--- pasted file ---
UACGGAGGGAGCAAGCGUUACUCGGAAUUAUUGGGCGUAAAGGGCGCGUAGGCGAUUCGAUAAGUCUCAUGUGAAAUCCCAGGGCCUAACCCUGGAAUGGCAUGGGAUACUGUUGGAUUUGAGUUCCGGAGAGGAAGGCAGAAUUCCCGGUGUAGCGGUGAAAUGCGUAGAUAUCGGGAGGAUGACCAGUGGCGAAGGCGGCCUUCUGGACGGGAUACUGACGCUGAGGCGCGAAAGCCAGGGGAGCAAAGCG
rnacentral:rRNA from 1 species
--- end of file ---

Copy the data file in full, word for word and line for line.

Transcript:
UACGGAGGGAGCAAGCGUUACUCGGAAUUAUUGGGCGUAAAGGGCGCGUAGGCGAUUCGAUAAGUCUCAUGUGAAAUCCCAGGGCCUAACCCUGGAAUGGCAUGGGAUACUGUUGGAUUUGAGUUCCGGAGAGGAAGGCAGAAUUCCCGGUGUAGCGGUGAAAUGCGUAGAUAUCGGGAGGAUGACCAGUGGCGAAGGCGGCCUUCUGGACGGGAUACUGACGCUGAGGCGCGAAAGCCAGGGGAGCAAAGCG
rnacentral:rRNA from 1 species